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Fish may avoid “sexual harassment,” researchers say

June 9, 2005
Courtesy University of Wales Bangor
and World Science staff

Sexual harassment is an increasingly sensitive issue, as women in growing numbers turn to the courts to protect them from aggressive sexual advances. 

Guppies, especially males, come in a dazzling array of colors. The guppies above come from Trinidad, where researchers recently found that females sometimes appear to avoid "sexual harassment" by males. The fish at bottom right is a female; the rest are males. Guppies are small freshwater fish native to the Caribbean and South America. (Image courtesy pbs.org)

Now, scientists say, the matter may be about to take on proportions beyond the merely human. 

The researchers have reported evidence that some female guppies, a popular aquarium fish, risk their lives to avoid unwanted male attention.

The study, by Darren Croft of the University of Wales, Bangor, and colleagues, appears in the June issue of the research journal American Naturalist.

Male guppies constantly pester females for sex, displaying their colors in mating dances and battling each other for access to the females.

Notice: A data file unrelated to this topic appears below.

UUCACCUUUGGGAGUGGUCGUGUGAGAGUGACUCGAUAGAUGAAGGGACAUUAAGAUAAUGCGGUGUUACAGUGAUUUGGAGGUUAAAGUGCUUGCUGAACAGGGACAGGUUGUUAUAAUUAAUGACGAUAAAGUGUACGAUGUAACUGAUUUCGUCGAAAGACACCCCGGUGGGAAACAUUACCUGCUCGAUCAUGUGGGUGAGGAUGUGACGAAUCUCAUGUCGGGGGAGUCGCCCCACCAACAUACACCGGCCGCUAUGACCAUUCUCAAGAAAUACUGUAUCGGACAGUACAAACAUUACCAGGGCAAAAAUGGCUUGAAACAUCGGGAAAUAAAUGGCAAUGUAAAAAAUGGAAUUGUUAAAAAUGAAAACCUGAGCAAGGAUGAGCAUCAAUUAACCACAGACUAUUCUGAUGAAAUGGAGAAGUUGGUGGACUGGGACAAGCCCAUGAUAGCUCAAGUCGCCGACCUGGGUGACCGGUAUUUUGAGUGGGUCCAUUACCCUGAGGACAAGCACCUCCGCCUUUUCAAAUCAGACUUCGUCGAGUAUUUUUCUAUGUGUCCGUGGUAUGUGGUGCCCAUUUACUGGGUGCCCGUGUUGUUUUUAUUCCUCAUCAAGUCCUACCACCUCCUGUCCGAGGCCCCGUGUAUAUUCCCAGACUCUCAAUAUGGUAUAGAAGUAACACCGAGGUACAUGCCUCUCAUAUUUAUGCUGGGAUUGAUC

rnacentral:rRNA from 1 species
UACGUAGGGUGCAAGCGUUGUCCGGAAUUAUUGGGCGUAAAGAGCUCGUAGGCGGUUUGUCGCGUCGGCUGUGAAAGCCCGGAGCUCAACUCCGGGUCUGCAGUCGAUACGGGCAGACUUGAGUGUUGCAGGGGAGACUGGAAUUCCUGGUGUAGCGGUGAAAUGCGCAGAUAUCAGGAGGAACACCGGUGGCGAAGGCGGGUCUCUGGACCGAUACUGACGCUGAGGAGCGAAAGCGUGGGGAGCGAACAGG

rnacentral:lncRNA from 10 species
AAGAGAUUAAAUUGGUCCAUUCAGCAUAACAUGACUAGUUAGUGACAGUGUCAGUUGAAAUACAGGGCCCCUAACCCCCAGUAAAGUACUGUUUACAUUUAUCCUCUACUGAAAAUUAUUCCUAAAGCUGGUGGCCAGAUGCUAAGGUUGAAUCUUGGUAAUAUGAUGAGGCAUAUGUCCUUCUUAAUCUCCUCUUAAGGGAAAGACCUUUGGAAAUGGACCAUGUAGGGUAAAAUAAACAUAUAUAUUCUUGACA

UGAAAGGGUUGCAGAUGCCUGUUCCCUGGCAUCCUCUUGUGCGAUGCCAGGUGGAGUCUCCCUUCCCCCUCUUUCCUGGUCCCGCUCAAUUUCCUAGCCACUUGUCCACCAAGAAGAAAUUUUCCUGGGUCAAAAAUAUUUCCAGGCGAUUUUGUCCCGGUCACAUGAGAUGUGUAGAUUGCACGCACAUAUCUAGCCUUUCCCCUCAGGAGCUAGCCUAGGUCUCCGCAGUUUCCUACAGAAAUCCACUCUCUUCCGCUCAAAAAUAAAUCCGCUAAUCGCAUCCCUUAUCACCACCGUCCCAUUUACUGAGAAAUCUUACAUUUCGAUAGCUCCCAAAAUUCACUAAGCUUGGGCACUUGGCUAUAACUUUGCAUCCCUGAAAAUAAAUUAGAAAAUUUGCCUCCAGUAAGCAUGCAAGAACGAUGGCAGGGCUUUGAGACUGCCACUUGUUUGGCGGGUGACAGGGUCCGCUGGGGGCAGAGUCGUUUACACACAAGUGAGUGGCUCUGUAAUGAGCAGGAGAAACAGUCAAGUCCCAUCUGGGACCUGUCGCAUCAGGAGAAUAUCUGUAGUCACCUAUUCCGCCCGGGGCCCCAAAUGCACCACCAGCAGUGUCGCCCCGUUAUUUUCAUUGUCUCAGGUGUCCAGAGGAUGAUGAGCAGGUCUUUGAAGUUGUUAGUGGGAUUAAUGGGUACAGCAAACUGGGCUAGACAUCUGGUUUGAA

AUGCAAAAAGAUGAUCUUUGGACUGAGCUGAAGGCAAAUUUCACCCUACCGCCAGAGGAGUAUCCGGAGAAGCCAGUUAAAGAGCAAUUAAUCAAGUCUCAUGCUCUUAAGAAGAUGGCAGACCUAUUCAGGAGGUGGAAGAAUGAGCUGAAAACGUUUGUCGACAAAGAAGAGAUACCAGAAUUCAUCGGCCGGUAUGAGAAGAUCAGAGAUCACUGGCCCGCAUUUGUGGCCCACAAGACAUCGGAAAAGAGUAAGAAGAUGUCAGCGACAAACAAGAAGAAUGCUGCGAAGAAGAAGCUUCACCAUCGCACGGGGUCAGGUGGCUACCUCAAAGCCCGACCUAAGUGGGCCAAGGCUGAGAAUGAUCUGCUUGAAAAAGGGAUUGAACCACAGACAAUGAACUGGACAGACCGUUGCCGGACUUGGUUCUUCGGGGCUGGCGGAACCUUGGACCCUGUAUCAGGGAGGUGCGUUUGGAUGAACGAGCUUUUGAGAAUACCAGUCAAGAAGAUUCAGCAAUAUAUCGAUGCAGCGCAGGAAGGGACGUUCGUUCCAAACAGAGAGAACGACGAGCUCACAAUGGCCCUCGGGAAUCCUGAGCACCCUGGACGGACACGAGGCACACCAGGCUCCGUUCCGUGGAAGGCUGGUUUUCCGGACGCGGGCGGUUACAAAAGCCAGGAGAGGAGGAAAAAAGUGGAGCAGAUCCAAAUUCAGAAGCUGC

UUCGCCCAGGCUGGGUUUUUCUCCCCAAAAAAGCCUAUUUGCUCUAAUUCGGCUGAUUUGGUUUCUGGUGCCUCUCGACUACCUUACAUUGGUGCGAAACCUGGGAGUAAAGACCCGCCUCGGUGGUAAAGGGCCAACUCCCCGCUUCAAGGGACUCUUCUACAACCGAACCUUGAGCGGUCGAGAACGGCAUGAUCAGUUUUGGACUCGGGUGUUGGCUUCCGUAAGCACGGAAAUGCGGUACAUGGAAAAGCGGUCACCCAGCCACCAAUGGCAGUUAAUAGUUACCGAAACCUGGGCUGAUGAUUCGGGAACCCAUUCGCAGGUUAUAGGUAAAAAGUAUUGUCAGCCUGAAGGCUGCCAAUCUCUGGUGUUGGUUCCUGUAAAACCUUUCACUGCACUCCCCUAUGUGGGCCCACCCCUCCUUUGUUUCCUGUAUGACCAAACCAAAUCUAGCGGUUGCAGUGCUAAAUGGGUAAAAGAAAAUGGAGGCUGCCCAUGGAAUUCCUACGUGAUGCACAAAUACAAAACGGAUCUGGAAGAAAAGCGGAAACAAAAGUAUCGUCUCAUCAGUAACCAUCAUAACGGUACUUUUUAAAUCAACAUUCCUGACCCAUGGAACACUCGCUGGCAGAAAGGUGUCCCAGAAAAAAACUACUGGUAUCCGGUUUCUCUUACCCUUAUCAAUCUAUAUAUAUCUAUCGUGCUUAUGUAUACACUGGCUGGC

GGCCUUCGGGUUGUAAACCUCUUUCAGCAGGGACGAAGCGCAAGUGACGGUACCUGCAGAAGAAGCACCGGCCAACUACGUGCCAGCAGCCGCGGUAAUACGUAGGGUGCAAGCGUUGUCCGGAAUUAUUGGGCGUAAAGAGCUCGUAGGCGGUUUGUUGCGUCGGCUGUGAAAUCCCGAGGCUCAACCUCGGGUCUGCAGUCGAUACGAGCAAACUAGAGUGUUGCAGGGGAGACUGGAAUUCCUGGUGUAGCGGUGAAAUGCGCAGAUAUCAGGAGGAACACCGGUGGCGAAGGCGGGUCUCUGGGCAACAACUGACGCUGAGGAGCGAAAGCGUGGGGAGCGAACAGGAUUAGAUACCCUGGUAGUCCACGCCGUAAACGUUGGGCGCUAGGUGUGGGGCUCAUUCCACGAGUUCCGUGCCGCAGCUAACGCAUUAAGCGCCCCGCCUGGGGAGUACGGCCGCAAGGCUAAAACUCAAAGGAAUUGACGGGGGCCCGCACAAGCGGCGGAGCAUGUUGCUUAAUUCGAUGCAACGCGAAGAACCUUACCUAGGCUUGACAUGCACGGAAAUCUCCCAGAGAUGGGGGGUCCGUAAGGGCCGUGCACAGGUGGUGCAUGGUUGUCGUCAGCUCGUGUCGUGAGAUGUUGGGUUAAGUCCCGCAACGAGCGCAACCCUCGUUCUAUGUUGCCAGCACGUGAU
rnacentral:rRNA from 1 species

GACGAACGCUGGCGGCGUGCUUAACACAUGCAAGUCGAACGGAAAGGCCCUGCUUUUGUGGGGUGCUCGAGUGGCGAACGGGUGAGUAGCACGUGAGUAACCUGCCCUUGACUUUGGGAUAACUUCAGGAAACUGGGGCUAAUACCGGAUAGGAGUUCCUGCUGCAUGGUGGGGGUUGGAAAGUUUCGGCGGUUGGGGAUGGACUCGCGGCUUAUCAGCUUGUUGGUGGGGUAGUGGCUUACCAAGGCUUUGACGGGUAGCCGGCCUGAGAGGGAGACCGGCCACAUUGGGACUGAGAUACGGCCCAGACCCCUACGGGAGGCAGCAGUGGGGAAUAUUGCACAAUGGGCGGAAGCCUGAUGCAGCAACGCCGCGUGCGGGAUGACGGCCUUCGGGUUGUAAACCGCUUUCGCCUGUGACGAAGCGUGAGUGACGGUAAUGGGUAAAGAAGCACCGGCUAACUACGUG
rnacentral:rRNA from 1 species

But if all this fails to impress a desired female, the male “will attempt to sneak a mating with her when she is not looking,” Croft said. Guppy sex is very quick.

Among guppies, as with many vertebrates, “it is the males that ‘dress to impress,’” Croft added. “Male guppies have bright colour patterns they use to attract females, whilst females are a dull brown colour. But the bright colours of males also attract the attention of predators.”

The scientists found that female guppies might use this to their advantage—venturing into deep water where predators lurk, and where it’s too dangerous for males to follow. The females thus avoid male attention, but risk being eaten.

In many animal species, males and females tend to live in different types of habitats, a phenomenon known as sexual segregation, Croft said.

“Sexual segregation is not restricted to fish; it is often found in deer and antelopes, and may even occur in humans,” continued Croft. “Ancient Greek mythology tells of a nation of female warriors known as the Amazons who lived on an island. The Amazons only met with men to trade and reproduce, and kept all daughters on the island.”

Although the legend’s truth is debatable, “sex differences in habitat use are common,” he added. “Understanding why and how this behaviour occurs is essential if we are going to conserve and protect species and habitats.”

In many areas, he added, predators are the first to go extinct. This often has unexpected ripple effects. For guppies, he said, females “may suffer more sexual harassment.”

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